2016 Draft Profile Series presented by Putnam Investments
Kris Dunn
G | 6'4" | 220 LBS.
16.4 PPG | 5.3 RPG | 6.2 APG

* Photo courtesy of Getty Images

Video

Draft Profile Video: Kris Dunn

Kevin McNamara from the Providence Journal joined Amanda to discuss the game of Providence Guard Kris Dunn.
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Draft Profile Video: Kris Dunn

Kevin McNamara from the Providence Journal joined Amanda to discuss the game of Providence Guard Kris Dunn.
Jun 19, 2016  |  05:41

Opinions expressed on this page are solely those of the author(s) and don't represent the opinions of the Celtics front office.

NBA Draft Combine Measurements

Body/Anthropometric Measurements
Body Fat % N/A
Hand Length N/A
Hand Width N/A
Height w/o Shoes 6'3.0"
Height w/ Shoes 6'4.25"
Standing Reach 8'4.0"
Weight N/A
Wingspan 6'9.5"
Physical Tests (Did Not Participate)
Lane Agility -
Shuttle Run -
Three-Quarter Court Sprint -
Standing Vertical Leap -
Max Vertical Leap -
Body/Anthropometric Measurements
Body Fat % Hand Length Hand Width Height w/o Shoes Height w/ Shoes Standing Reach Weight Wingspan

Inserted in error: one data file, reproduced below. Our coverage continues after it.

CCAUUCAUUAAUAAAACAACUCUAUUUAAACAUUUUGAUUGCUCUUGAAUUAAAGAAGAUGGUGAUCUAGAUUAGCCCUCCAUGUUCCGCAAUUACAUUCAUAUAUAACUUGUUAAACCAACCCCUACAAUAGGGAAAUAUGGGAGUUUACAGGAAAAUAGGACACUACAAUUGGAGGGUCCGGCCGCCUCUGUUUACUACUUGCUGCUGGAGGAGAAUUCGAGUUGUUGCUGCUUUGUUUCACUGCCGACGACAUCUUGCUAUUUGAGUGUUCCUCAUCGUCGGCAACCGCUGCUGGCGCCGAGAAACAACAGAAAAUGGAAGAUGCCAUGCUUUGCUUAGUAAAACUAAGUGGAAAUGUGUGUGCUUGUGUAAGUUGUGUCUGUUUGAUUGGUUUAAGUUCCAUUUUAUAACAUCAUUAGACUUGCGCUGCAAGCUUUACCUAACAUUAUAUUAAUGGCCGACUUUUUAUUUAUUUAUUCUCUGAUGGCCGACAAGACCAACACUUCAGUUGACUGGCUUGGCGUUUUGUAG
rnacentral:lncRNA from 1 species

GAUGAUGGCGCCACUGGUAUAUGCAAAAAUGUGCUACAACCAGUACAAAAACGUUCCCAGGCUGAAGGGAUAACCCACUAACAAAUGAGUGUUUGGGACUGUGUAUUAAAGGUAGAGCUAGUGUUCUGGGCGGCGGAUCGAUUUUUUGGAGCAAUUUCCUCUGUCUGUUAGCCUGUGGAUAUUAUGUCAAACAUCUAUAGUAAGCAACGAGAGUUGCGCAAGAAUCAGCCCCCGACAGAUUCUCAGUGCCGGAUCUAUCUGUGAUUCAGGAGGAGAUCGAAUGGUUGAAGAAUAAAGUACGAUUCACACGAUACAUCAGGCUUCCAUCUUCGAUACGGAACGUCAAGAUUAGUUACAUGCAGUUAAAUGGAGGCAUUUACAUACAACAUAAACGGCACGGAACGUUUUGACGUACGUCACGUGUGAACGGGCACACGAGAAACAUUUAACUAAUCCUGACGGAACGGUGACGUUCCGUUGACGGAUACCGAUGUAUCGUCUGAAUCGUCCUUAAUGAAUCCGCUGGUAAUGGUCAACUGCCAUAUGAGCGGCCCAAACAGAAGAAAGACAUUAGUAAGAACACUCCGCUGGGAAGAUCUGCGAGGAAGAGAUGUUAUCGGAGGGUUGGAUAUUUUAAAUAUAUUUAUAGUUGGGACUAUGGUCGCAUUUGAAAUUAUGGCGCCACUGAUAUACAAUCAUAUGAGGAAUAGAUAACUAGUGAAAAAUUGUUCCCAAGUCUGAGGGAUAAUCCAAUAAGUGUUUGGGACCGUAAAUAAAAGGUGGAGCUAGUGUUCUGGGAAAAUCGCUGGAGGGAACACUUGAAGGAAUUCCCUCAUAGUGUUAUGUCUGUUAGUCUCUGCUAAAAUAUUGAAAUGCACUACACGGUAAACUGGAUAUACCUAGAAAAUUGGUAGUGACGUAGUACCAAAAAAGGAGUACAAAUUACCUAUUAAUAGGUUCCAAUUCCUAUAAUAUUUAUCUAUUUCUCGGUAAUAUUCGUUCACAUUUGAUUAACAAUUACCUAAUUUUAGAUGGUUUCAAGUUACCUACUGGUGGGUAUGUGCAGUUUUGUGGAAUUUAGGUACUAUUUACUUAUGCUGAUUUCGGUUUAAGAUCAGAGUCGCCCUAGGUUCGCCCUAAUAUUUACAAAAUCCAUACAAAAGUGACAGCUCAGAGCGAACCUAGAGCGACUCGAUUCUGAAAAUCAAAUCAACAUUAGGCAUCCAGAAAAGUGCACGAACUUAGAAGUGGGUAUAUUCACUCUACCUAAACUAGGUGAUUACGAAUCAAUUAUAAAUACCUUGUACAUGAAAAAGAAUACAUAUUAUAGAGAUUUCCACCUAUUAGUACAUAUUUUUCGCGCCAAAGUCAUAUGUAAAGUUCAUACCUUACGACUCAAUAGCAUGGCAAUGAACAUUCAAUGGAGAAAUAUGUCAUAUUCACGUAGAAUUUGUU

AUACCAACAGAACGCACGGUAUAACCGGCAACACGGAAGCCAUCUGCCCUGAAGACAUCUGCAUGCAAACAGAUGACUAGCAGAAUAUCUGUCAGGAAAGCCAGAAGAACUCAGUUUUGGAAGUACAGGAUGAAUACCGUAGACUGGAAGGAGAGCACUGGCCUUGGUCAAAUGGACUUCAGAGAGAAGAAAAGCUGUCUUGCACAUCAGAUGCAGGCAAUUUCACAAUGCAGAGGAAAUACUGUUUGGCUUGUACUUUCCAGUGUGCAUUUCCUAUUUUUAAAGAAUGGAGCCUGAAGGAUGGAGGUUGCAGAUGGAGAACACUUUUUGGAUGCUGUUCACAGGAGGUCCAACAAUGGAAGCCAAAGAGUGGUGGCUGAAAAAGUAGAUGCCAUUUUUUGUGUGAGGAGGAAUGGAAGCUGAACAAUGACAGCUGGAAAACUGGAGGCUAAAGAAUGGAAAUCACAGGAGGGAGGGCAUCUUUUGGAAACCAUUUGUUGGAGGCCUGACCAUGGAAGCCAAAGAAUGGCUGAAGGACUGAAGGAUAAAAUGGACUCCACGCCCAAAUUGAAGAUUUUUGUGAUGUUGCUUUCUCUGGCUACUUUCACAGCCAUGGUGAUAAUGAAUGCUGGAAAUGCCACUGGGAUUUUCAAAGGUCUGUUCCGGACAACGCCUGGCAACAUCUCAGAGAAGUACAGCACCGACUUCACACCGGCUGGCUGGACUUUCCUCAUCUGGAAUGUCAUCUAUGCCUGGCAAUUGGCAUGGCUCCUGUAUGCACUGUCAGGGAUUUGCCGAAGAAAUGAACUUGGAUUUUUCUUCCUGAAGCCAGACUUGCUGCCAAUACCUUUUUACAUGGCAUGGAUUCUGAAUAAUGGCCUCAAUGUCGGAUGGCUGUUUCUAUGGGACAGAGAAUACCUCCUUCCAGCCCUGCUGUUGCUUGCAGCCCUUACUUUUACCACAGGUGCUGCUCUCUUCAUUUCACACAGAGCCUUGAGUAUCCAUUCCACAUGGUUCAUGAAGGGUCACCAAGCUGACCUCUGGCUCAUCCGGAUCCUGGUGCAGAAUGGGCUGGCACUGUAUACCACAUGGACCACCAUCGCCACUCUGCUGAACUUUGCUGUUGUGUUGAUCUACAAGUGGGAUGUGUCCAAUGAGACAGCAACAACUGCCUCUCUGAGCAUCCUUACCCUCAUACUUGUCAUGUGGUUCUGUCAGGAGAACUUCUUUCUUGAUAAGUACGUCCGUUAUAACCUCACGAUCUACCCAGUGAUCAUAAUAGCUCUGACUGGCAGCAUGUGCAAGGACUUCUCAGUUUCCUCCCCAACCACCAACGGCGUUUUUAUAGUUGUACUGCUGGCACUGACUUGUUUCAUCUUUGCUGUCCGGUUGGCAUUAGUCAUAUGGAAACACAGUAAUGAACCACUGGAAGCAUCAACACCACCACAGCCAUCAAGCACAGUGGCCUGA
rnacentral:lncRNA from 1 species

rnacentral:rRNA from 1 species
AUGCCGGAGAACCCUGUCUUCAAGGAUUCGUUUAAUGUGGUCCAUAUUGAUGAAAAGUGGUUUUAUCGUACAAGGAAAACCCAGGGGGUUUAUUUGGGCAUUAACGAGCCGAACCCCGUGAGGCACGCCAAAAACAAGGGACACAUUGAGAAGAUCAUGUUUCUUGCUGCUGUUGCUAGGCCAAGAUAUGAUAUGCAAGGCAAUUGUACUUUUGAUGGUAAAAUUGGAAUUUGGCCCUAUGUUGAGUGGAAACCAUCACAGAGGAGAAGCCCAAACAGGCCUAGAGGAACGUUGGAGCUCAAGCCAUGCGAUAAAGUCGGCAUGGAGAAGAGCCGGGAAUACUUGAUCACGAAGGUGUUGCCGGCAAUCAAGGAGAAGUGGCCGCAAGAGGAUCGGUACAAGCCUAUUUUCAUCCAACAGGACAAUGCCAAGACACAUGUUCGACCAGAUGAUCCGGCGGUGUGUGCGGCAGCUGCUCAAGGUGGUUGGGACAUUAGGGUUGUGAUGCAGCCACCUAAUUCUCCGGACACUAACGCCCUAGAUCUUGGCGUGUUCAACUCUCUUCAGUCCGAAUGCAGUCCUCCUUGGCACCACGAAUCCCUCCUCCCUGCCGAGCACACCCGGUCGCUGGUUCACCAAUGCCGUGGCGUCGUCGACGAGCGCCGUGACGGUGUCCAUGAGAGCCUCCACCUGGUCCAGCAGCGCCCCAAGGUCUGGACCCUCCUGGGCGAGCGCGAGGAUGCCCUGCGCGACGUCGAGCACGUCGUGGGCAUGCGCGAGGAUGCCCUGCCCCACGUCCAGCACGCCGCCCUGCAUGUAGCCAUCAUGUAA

N/A N/A N/A 6'3.0" 6'4.25" 8'4.0" N/A 6'9.5"
Physical Tests (Did Not Participate)
Lane Agility Shuttle Run 3/4 Court Sprint Standing Vertical Leap Max Vertical Leap
- - - - -

Pros/Cons

Pros Cons
Playmaking Turnover Prone
Slashing Shot Selection
Vision Too Flashy
Ball Handling -
Passing -
Defense -
Motor -

Why You Might Know Him

Kris Dunn was one of the most highly-touted point guards in the nation for the high school class of 2012, but a recurring shoulder injury kept him sidelined for the majority of his first two years at Providence College. He quickly made up for the lost time, however, as he guided the Friars to consecutive NCAA Tournament appearances and nabbed back-to-back Big East Player of the Year and Defensive Player of the Year awards. The Connecticut native became one of the top facilitators in the country, finishing in the top three in assist percentage during both his redshirt sophomore and junior seasons.

Scouting Report

Possessions Scouted from 2015-16 Season:
OFFENSE: 18.2 percent of possessions
DEFENSE: 18.5 percent of possessions